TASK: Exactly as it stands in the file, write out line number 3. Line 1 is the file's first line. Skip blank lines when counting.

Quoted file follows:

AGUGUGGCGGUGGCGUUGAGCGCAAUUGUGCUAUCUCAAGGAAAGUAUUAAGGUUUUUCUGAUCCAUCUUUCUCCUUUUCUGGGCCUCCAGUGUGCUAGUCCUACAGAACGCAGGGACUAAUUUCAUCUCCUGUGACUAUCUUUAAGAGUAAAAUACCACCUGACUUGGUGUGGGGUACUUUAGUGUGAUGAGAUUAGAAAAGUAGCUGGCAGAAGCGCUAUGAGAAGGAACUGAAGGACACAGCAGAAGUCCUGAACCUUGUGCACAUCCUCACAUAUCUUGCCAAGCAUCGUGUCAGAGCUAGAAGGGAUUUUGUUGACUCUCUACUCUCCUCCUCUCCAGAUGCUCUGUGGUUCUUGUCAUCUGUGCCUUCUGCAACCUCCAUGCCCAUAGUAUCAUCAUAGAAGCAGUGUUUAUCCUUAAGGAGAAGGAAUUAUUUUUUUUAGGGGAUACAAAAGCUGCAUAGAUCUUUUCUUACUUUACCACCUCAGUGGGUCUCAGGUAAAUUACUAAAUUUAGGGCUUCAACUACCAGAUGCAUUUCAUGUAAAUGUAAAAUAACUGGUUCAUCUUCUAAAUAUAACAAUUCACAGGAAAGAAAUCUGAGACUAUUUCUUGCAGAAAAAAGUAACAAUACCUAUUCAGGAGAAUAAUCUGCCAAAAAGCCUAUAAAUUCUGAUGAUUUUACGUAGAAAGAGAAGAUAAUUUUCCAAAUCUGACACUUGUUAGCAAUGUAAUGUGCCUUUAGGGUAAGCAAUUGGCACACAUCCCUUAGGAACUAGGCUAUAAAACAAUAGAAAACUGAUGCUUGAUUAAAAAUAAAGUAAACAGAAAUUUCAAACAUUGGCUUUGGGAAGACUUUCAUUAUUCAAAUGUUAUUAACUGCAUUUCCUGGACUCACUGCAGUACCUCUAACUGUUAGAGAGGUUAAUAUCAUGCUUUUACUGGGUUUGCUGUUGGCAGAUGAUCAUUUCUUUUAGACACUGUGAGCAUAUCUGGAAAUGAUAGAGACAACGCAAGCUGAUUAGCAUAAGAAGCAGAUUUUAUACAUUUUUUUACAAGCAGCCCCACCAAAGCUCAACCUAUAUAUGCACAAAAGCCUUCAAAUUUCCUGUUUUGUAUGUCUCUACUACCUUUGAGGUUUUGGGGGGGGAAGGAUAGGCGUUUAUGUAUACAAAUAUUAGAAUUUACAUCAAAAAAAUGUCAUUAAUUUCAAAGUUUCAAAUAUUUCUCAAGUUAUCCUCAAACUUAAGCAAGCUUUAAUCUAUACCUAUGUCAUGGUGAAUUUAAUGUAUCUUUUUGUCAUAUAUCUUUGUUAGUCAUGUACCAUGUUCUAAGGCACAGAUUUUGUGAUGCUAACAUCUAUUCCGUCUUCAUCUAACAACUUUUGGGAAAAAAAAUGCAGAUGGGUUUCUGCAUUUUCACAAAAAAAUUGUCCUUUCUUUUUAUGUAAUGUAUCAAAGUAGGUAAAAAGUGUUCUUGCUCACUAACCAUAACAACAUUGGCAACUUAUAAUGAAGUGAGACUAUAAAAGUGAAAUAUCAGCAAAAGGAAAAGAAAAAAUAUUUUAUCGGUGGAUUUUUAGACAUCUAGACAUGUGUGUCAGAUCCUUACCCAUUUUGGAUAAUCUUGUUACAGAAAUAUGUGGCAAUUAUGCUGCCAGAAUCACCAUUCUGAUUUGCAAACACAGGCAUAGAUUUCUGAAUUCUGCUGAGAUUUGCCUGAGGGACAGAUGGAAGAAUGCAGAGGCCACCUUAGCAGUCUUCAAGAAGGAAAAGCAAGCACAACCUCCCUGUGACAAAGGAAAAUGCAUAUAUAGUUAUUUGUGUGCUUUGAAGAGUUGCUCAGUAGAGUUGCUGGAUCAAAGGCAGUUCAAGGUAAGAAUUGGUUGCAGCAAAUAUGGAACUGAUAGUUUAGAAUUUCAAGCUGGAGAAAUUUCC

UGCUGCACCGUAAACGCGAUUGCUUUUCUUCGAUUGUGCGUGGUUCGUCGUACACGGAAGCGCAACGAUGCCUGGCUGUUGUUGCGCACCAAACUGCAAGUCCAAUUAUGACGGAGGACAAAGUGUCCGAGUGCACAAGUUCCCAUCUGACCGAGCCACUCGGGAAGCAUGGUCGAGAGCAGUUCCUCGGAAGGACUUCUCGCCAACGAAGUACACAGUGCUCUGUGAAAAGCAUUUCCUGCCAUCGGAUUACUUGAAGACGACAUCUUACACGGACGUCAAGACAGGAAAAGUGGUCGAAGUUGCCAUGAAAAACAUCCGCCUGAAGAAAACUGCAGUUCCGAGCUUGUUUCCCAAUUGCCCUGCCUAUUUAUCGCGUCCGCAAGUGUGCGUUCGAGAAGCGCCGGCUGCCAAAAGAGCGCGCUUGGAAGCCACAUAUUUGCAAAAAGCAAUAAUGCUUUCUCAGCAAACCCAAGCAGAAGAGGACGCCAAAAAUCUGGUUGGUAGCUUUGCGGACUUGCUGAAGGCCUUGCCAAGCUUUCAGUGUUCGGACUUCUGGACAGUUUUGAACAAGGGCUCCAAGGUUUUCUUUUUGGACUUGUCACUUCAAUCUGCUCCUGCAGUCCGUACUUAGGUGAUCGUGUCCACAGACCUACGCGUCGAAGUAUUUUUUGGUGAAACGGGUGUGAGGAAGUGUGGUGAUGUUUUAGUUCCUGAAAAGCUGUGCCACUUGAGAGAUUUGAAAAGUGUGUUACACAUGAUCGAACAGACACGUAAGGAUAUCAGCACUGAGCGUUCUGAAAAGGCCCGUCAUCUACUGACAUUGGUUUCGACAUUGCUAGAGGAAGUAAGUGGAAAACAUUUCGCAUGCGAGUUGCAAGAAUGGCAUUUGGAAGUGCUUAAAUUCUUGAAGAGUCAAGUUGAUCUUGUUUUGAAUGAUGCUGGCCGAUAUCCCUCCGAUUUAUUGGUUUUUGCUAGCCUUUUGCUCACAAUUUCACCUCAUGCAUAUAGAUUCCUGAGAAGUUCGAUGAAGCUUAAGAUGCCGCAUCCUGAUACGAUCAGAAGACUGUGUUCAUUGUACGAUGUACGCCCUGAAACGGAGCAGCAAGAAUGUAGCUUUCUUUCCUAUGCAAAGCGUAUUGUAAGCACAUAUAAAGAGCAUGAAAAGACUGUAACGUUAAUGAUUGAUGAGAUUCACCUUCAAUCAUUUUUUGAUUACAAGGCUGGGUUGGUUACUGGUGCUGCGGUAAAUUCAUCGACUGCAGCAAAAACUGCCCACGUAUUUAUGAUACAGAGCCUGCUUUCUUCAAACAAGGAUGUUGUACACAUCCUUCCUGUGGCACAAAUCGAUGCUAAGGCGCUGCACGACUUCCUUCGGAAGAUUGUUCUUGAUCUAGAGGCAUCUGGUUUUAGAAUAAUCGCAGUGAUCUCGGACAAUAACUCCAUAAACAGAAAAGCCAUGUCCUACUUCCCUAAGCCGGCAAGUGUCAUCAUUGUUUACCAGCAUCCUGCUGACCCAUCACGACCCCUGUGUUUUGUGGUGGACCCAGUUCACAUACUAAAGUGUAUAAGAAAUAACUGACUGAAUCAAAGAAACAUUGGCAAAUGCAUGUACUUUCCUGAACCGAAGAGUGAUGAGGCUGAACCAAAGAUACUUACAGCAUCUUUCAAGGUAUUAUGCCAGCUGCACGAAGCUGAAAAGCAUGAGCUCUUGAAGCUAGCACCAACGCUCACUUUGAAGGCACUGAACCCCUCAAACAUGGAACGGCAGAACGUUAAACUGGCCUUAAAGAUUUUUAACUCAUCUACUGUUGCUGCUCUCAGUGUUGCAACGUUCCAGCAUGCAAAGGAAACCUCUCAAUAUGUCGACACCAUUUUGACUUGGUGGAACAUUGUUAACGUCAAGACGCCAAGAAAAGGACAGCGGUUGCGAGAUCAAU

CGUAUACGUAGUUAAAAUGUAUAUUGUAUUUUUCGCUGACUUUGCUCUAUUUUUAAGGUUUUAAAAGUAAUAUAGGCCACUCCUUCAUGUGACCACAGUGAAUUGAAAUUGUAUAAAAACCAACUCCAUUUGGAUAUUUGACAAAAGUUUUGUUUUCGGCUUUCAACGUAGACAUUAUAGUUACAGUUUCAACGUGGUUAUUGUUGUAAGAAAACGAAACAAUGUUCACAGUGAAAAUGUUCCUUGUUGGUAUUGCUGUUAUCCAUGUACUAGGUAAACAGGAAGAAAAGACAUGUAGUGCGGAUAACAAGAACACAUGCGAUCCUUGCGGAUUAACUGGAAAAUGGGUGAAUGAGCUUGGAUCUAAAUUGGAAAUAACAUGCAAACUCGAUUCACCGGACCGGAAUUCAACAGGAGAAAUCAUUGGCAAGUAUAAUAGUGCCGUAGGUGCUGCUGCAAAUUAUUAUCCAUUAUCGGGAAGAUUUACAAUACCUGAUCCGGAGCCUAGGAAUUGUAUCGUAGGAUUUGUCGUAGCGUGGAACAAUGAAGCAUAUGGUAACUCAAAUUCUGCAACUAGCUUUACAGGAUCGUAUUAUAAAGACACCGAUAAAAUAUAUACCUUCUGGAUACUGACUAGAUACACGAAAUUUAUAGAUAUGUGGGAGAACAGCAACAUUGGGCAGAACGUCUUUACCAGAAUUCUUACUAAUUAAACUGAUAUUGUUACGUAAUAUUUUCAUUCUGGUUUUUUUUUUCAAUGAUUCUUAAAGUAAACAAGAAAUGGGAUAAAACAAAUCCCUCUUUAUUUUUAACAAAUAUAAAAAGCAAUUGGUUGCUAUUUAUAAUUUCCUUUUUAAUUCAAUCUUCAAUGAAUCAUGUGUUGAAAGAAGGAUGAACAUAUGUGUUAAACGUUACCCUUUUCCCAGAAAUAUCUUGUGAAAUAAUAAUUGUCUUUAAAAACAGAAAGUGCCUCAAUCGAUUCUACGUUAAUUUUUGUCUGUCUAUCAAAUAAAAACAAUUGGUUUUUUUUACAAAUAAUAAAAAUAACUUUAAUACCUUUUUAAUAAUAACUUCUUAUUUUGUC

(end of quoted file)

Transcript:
CGUAUACGUAGUUAAAAUGUAUAUUGUAUUUUUCGCUGACUUUGCUCUAUUUUUAAGGUUUUAAAAGUAAUAUAGGCCACUCCUUCAUGUGACCACAGUGAAUUGAAAUUGUAUAAAAACCAACUCCAUUUGGAUAUUUGACAAAAGUUUUGUUUUCGGCUUUCAACGUAGACAUUAUAGUUACAGUUUCAACGUGGUUAUUGUUGUAAGAAAACGAAACAAUGUUCACAGUGAAAAUGUUCCUUGUUGGUAUUGCUGUUAUCCAUGUACUAGGUAAACAGGAAGAAAAGACAUGUAGUGCGGAUAACAAGAACACAUGCGAUCCUUGCGGAUUAACUGGAAAAUGGGUGAAUGAGCUUGGAUCUAAAUUGGAAAUAACAUGCAAACUCGAUUCACCGGACCGGAAUUCAACAGGAGAAAUCAUUGGCAAGUAUAAUAGUGCCGUAGGUGCUGCUGCAAAUUAUUAUCCAUUAUCGGGAAGAUUUACAAUACCUGAUCCGGAGCCUAGGAAUUGUAUCGUAGGAUUUGUCGUAGCGUGGAACAAUGAAGCAUAUGGUAACUCAAAUUCUGCAACUAGCUUUACAGGAUCGUAUUAUAAAGACACCGAUAAAAUAUAUACCUUCUGGAUACUGACUAGAUACACGAAAUUUAUAGAUAUGUGGGAGAACAGCAACAUUGGGCAGAACGUCUUUACCAGAAUUCUUACUAAUUAAACUGAUAUUGUUACGUAAUAUUUUCAUUCUGGUUUUUUUUUUCAAUGAUUCUUAAAGUAAACAAGAAAUGGGAUAAAACAAAUCCCUCUUUAUUUUUAACAAAUAUAAAAAGCAAUUGGUUGCUAUUUAUAAUUUCCUUUUUAAUUCAAUCUUCAAUGAAUCAUGUGUUGAAAGAAGGAUGAACAUAUGUGUUAAACGUUACCCUUUUCCCAGAAAUAUCUUGUGAAAUAAUAAUUGUCUUUAAAAACAGAAAGUGCCUCAAUCGAUUCUACGUUAAUUUUUGUCUGUCUAUCAAAUAAAAACAAUUGGUUUUUUUUACAAAUAAUAAAAAUAACUUUAAUACCUUUUUAAUAAUAACUUCUUAUUUUGUC